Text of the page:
Debt-laden Ineos drops plans for Norway gas plant

The Times

Ineos, the troubled chemicals group that is Britain’s largest private company, has shelved plans for a $400 million (£294 million) expansion of one of its European petrochemical plants in the latest sign that the debt-laden conglomerate built by Jim Ratcliffe, the billionaire, is under strain.

Ineos had planned to build a gas separation plant at Bamble, close to its Rafnes site in Norway, where it already operates a cracker that makes the basic material for plastic.

This month, it jettisoned the plan as part of broader efforts to cut costs to cope with a steep downturn in the industry. “The project was not economically feasible,” a spokesman for the company said, adding that Ineos remained committed to the Rafnes site and would continue to invest in it and plans to expand an existing cracker facility.

The decision by Ineos not to build the gas separation plant will have a knock-on effect on the Skanled natural gas pipeline, which was designed to link gas production in the Norwegian North Sea with consumers in Denmark and Sweden. The project will proceed, but construction will be delayed and it will be re-routed and re-engineered, a spokesman for Gassco, the Norwegian company overseeing Skanled, said. Ineos acquired the Rafnes petrochemicals business when it bought Norsk Hydro’s polymers business in 2007, a deal that it completed last year.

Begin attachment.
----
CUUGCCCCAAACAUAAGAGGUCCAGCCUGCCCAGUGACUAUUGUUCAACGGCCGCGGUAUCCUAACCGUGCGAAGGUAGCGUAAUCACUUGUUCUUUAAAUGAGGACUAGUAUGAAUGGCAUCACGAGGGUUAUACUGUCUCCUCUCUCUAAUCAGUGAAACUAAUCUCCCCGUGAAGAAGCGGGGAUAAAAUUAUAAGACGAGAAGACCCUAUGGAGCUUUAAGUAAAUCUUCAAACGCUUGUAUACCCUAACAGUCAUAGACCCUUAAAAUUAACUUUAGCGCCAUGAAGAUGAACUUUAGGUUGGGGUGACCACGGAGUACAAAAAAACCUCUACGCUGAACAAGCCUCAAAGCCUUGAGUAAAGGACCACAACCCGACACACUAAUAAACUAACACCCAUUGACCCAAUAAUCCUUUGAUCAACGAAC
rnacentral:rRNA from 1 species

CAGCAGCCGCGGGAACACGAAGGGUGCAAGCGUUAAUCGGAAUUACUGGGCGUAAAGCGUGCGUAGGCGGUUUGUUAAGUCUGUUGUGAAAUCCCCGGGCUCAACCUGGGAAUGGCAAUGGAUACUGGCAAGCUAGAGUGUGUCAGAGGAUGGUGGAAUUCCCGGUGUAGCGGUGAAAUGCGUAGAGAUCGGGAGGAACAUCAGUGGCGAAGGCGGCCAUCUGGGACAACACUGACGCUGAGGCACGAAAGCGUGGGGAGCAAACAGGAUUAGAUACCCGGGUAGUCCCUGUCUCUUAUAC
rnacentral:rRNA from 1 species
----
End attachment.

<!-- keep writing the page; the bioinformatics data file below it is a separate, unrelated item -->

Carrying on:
At the end of last year, Ineos was forced to abandon plans for four new European biodiesel plants.

With debts of more than $7billion, the company was in talks with lenders about a waiver of its banking covenants. It is now on track to meet them in 2009.

However, on Friday, Standard & Poor’s, the debt ratings agency, downgraded the group’s long-term rating and assigned the troubled company a “negative” outlook.

The ratings agency cut its long-term corporate rating to CCC from its previous B rating. It added that ratings could come under further pressure if Ineos fails to renegotiate new long-term covenant agreements in April.

“We see a risk that these negotiations could also include some debt restructuring,” Lucas Sevenin, a credit analyst at Standard & Poor’s, said.

Ineos, which had experienced explosive, debt-fuelled growth until the present downturn, is the world’s third-largest chemical company and employs 16,000 people.

It operates 70 sites worldwide and has absorbed businesses previously owned by BASF, Bayer, Borealis, BP, Degussa, Dow, Enichem, Hoechst, ICI, Norsk Hydro and Unilever.


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